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Former Knicks Star Jeremy Lin 'Didn't Like a Lot of the Side Effects of Linsanity'

Paul KasabianFeatured Columnist IIAugust 11, 2022

AP Photo/Chiang Ying-ying

Former NBA guard Jeremy Lin spoke with Stuart Hodge of Sky Sports about a number of topics, including the effects the Linsanity era had on his personal life:

"I think for me as a person, it's been an evolution from trying to run away from it because I felt like I didn't like a lot of the side effects of Linsanity. Some family issues that it caused, all the privacy that was taken away from me overnight, and the paparazzi chasing down me and my family and my friendsโ€ฆjust a lot of scary things that had happened.

"There were also just the expectations of the world, almost turning me into some type of superhero. I became this phenomenon and I felt like I lost my humanity in the middle of it."

Lin became an overnight sensation in the winter of 2011 when he became a breakout star for the New York Knicks. He played all of 55 minutes over the first 22 games of the season but dropped 25 points and seven assists off the bench in a win over the New Jersey Nets on Feb. 4.

That kick-started a remarkable stretch of games where Lin seemingly lit up every NBA court he stepped on. He scored 38 points against Kobe Bryant and the Los Angeles Lakers, hit a game-winning three-pointer against the Toronto Raptors and dropped 13 assists in 26 minutes against the Sacramento Kings.

The Nets game also kick-started a seven-game winning streak for the Knicks, who eventually made the playoffs. Lin also set an NBA record by becoming the first person in league history to post at least 20 points and seven assists in his first seven starts. Over a nine-game stretch, Lin averaged 25.0 points and 9.2 dimes per game.

Lin's remarkable ascendance from little-known benchwarmer to starring in the NBA's biggest media market turned him into an overnight, worldwide celebrity. He notably landed on back-to-back covers of Sports Illustrated and was even featured on Time magazine.

As Daniel Chin of The Ringer noted, the Taiwanese American became a "a symbolic figure for both Asian Americans and Asians around the world, whether he was ready for that mantle or not."

Lin's rise to stardom opened his eyes to racial injustice throughout the world, as he told Chin:

โ€œAs I went through Linsanity, as I went through more things, I started to see the world for what it is, which is a very broken world with a lot of injustice, with a lot of racism and a lot of stereotyping. And I started to realize, this is not something I should be running from. This is something that I need to be stepping into."

The California native also spoke to Hodge about his feelings and experiences, saying in part:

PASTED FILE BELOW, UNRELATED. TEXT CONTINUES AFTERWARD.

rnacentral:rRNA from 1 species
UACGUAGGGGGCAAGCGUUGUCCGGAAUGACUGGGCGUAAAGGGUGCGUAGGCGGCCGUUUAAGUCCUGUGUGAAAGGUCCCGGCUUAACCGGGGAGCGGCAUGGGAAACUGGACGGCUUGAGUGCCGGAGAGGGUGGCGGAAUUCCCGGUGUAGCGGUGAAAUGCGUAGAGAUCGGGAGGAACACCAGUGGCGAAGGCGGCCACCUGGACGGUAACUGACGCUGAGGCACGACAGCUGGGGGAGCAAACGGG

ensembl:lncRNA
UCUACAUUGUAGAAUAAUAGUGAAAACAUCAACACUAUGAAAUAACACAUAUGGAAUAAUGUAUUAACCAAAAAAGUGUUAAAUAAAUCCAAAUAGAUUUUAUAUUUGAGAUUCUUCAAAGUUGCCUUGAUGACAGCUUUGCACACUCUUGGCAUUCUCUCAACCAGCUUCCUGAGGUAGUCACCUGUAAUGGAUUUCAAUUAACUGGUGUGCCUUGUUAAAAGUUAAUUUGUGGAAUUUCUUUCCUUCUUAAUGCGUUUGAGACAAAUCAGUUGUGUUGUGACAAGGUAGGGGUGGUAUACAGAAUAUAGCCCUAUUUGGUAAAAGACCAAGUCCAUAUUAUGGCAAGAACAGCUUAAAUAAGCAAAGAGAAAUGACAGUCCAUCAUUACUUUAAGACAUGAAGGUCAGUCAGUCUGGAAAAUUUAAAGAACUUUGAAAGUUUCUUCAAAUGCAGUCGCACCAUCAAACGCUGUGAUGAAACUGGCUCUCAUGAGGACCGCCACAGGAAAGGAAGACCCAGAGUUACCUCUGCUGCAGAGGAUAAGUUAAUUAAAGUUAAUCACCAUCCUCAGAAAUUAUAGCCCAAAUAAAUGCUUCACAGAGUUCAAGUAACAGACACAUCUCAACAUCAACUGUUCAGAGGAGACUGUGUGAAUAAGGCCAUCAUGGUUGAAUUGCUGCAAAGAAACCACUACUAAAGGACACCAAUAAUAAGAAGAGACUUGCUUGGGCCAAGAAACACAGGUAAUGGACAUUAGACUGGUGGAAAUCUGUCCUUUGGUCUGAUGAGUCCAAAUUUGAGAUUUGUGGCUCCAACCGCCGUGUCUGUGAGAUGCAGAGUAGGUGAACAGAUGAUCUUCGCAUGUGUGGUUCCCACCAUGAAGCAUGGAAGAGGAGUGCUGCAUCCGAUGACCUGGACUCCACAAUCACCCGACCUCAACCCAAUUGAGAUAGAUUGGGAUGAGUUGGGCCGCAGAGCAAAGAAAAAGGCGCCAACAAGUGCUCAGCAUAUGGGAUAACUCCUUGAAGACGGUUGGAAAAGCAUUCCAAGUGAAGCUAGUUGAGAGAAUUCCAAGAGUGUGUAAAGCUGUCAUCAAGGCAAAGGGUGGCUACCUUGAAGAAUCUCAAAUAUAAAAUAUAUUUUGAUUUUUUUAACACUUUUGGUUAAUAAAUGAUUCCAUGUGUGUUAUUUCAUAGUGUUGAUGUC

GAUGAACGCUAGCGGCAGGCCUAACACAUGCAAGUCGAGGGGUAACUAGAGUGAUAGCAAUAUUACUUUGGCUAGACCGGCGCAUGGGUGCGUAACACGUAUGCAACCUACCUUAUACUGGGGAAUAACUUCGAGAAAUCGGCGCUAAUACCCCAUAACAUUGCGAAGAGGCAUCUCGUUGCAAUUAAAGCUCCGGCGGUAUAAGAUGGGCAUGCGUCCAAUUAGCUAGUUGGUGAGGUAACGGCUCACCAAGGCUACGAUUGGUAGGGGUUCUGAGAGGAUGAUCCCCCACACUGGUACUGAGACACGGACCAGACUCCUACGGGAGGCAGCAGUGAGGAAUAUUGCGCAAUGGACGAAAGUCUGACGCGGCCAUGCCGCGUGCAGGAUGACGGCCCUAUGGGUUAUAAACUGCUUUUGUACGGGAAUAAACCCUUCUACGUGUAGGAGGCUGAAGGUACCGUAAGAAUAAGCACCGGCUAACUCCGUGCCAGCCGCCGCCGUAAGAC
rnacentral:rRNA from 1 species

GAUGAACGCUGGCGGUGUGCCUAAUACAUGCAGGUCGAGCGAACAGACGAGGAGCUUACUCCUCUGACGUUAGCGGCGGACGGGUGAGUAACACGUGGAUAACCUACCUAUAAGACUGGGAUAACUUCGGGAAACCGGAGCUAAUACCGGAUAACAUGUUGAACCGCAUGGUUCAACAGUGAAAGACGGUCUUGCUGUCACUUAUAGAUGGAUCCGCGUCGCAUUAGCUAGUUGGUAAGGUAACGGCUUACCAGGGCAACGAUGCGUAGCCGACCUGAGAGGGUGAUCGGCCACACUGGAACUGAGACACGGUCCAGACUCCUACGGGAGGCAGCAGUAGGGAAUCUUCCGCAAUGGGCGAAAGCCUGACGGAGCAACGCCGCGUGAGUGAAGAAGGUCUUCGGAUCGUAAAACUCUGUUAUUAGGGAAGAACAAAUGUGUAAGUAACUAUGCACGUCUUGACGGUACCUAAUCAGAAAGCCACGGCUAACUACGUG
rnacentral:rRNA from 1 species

"Then eventually, I started to understand racism at a better level, at a deeper level. For so long, I tried to run from being 'the Asian basketball player', I just wanted to be a great basketball playerโ€”because my whole life, everyone was just talking about [my ethnicity].

"I just wanted people to talk about my basketball skills for once, so as I started to run from that, I started to really open my perspective, seeing what racism really does and how embedded it is and how deep it is."

In his post-NBA days, Lin has done his best to spread positivity and empathy and to stop hate, speaking about against violence toward Asian Americans and partnering with LingoAce, a company designed for people to learn Mandarin and Chinese culture.

"As I'm getting older and closer to retirement, one thing that really matters to me is this concept of redefining love," the 33-year-old told Gabriel Tan of ESPN. He continued:

"Basically, when people ask me what I want to have accomplished when I'm done with my time on earth, one of the biggest things is that I want to be able to say I redefined love for the next generation.

"There is a feeling that the world is really divisive right now. There's a lot of hostility and finger-pointing and name-calling. I just want to be able to create a more unified world built around empathy."

Linsanity eventually ended, but Lin still became an incredible success story. The undrafted guard out of Harvard carved out a 10-year NBA career, averaging 11.6 points and 4.3 assists per game, that included winning an NBA ring with the Toronto Raptors in 2019. And the story of his post-NBA career has yet to be written as he looks to create an indelible and positive impact.

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